Digital hearts, analogue minds: how to use digital innovation to get personal with clients

Oct 2019 · Finance

All too often, there’s a false dichotomy between traditional client management and digital innovation.

Either you’re an old fashioned, face-to-face relationships type of firm, or you’re a futuristic, innovative AI-hub solving every client problem with efficient but faceless automation. And not only do these approaches determine how you relate to your clients — they also end up influencing your entire brand.

Yet despite its popularity, this vision of traditional-and-human vs digital-and-automated isn’t very accurate. Innovation shouldn’t mean facelessness. When applied intelligently, digital innovation doesn’t replace your personal relationships with clients; it improves them. And increasingly, clients are demanding customisation that only digital innovations can bring.

To understand why, it’s worth considering the relationship between finance and the revolutionary new technologies seeking to shape it. Digital ‘disruption’ has taken longer to affect the financial sector than many other areas of society. Forbes claim that almost half of financial services firms don’t leverage data as much as they should. But recently the pace of change has sped up, and we’re now witnessing the dramatic rise of ‘Fintech’.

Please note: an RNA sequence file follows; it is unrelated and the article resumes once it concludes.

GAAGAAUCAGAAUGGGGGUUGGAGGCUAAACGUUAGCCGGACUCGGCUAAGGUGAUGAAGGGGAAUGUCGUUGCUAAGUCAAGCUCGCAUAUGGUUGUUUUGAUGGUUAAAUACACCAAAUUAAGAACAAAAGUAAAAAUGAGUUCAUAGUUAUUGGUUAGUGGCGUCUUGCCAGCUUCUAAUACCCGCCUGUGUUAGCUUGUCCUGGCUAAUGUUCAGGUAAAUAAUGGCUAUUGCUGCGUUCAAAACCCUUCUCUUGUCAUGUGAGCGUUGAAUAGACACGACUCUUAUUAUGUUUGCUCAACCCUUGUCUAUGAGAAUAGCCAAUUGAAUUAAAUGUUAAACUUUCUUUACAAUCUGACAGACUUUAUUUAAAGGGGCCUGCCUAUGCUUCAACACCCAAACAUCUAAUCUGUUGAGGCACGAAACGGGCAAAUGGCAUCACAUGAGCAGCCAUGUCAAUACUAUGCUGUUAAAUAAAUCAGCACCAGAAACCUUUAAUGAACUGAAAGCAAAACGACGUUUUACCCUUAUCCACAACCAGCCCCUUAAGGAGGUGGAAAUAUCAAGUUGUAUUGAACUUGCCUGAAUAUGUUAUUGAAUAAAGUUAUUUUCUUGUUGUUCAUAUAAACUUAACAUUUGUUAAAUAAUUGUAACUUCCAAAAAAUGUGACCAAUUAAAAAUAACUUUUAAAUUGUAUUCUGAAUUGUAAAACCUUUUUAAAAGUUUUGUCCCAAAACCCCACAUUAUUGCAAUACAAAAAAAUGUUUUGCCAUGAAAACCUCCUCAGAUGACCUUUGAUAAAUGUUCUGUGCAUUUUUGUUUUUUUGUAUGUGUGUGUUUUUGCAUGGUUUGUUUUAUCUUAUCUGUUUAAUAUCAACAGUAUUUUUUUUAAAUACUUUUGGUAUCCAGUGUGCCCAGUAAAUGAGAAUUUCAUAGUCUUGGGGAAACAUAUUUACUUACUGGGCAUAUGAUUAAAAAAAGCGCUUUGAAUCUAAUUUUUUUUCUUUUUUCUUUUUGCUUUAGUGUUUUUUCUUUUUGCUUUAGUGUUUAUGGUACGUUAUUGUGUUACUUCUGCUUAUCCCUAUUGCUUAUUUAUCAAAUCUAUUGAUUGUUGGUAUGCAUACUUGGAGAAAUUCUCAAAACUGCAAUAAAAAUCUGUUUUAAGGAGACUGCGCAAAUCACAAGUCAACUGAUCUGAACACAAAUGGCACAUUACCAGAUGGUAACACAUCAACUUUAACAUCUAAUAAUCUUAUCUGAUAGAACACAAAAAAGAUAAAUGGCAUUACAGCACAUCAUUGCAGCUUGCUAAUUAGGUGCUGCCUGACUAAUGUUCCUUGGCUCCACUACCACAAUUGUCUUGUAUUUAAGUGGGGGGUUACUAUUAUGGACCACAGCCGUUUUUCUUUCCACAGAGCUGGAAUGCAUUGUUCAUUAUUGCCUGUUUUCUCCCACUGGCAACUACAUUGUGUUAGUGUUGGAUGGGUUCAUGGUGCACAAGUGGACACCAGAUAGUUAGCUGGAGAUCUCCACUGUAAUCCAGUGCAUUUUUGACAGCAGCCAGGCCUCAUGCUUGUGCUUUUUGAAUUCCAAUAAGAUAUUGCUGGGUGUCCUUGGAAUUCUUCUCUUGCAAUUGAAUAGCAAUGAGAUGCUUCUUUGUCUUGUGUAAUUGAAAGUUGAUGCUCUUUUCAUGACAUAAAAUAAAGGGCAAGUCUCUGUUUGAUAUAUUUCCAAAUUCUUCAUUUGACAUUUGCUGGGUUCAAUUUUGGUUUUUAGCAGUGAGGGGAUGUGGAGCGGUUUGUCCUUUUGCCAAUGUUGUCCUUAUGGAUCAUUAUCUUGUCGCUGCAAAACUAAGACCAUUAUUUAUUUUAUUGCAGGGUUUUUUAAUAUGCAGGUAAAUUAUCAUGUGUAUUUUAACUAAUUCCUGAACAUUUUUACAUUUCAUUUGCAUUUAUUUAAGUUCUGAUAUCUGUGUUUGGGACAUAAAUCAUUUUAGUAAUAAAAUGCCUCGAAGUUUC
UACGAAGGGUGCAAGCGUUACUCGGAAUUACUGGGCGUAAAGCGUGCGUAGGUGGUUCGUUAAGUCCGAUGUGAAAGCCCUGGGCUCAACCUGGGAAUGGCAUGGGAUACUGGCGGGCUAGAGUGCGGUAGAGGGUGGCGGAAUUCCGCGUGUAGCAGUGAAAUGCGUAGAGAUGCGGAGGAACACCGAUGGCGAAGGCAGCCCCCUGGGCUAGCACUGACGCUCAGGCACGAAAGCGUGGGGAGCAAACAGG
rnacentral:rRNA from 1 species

These technological shifts are changing clients’ expectations. For example, they want more customisation in their service relationships. A recent report commissioned by Broadridge (‘Power shift: digital behaviours reshape client-advisor relationships’, 2019) reveals a demand for investment ideas tailored to individual client needs and preferences.

The next generation of investors want their financial services to be conducted entirely online, with greater customisation. Millennials are much more keen for their wealth advisers to give them personalised analysis of their investment habits, for example.

Even more strikingly, Broadridge’s report demonstrates that one in four clients would consider walking away from their financial advisor because of substandard customisation. This rises to 35% for Millennials.

It’s supported by a report from EY (‘Could your clients’ needs be your competitive advantage?’) which reveals that 4 in 10 clients would change their wealth manager under the right circumstances, amounting to $175–200bn in assets. EY’s report concludes that this represents a huge opportunity for ‘firms that get ahead of the curve and use client experience as a competitive advantage’.

On the one hand, these insights demonstrate just how important it is to meet traditional client needs. A personalised service has always been in demand in one form or another, so it’s no surprise to see that it is still crucial.

But they also hint at new solutions — and huge rewards for those firms who take advantage of them. Demand is strong for both digital innovation and increased customisation. Together they can dramatically improve client satisfaction and experience, strengthening your firm’s retention and brand power.